On a recent muggy morning, Jeff Myerson, director of business transformation for Houston-based utility CenterPoint Energy, is pointing to mundane-looking gray metal boxes high on a wooden utility pole. They mask state-of-the-art wireless relays that collect data on customers’ power use every 15 minutes. Myerson is showing a visitor around Braeswood, a tree-lined neighborhood of several hundred 1950s-era ranch homes about 7 miles southwest of downtown. It’s being refitted for CenterPoint’s “intelligent grid.” This first phase is scheduled to be completed by yearend at a cost of $138 million, with the help of $50 million from the federal government.
When fully deployed, the grid will encompass a network of sensors, switches, smart meters, and data analysis software that will give CenterPoint more control over and insight into its almost 50,000 miles of power lines. Breaks in the lines typically take hours, even days, to find, particularly in the wake of bad storms. Starting in Braeswood, CenterPoint, which powers more than 2 million homes and businesses, is gaining the ability to almost instantly pinpoint a problem to a single block. It plans to use algorithms that can analyze weather patterns and spot weaknesses in the lines to predict failures. The smarter equipment can also reduce the risk of overload by telling customers when energy costs them the least. “We’re bringing a mechanical system into the digital age,” says Myerson.
The U.S. electrical grid, once one of the world’s great marvels, is crumbling after decades of underinvestment. Valued at $876 billion by the Edison Electric Institute, an industry group, the grid is an amalgam of almost 7,000 power plants that send electricity over 450,000 miles of high-voltage transmission lines and 2.5 million miles of feeder lines. All this is managed by 3,300 utilities serving 150 million customers. The grid is arguably the biggest machine on earth. It’s also something of a relic, largely built after World War II from designs that date to Thomas Edison. Half of U.S. homes still have mechanical meters that require workers to show up and read them. Most utilities can’t analyze their customers’ energy use beyond the monthly bill.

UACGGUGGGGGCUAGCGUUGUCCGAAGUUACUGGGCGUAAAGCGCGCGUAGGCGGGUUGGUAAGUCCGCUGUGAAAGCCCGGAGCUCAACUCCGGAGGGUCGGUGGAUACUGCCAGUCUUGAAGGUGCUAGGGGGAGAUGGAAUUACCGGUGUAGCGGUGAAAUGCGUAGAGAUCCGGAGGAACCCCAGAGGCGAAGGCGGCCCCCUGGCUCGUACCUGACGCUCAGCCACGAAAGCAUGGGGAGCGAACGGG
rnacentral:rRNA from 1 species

CenterPoint is among a growing number of utilities remodeling their pieces of the grid with the kinds of data analysis tools that hardware makers have been hawking to consumers. While talk of a smart grid has been around for years, the utilities’ efforts mark the start of a huge, albeit decentralized, infrastructure makeover that could total almost half a trillion dollars in retrofitting costs before it’s completed, according to the Electric Power Research Institute, a research arm of the utility industry.
The deteriorating grid is forcing some utilities to act quickly. Power outages are up 285 percent since 1984, and the U.S. ranks last among the top nine Western industrialized nations in the average length of outages, which the federal U.S. Energy Information Administration says cost businesses as much as $150 billion a year. Hundreds of thousands of miles of power lines can’t be monitored from a central location, so repairers spend 60 percent of their time searching for breaks. “Many utilities are blind beyond the substation,” says Edward Kennedy, chief executive officer of Tollgrade Communications, which makes grid sensors and consults with utilities on smart-grid projects.
Besides CenterPoint, Columbus (Ohio)-based American Electric Power, Sempra Energy’s San Diego Gas & Electric, and New York Independent System Operator, which runs New York State’s grid, are smartening their systems. Giant PG&E has established an R&D facility with more than 120 engineers and technicians testing ways to speed smart-grid adoption. In Detroit, DTE Energy has begun a five-year, $250 million grid upgrade. Working with Cranberry Township (Pa.)-based Tollgrade, the utility is installing outage-predicting sensors and software that it estimates will eliminate about 500,000 outage minutes for its 2.1 million customers over the next three years. In Austin, Texas, smart-grid researcher Pecan Street is using 300 test homes to show how a utility that tracks power flow can change how and when to generate electricity as well as how and when consumers use it. Ultimately, the goal of these projects is to digitize energy-use data so that power generators and customers can exchange information about demand to eliminate overbuilding and waste.
The smart grid may be a necessity if the utility system is to absorb and manage changes in U.S. power generation. A surge in rooftop solar has turned tens of thousands of consumers into generators, and regulators and green groups are pushing utilities to incorporate more of that power. “There is a lot of technology coming, and if you don’t integrate it successfully, you’re going to have one hell of a mess on your hands,” says Roger Duncan, chairman and one of the founders of the Pecan Street project. “The current grid is just not designed to handle this.”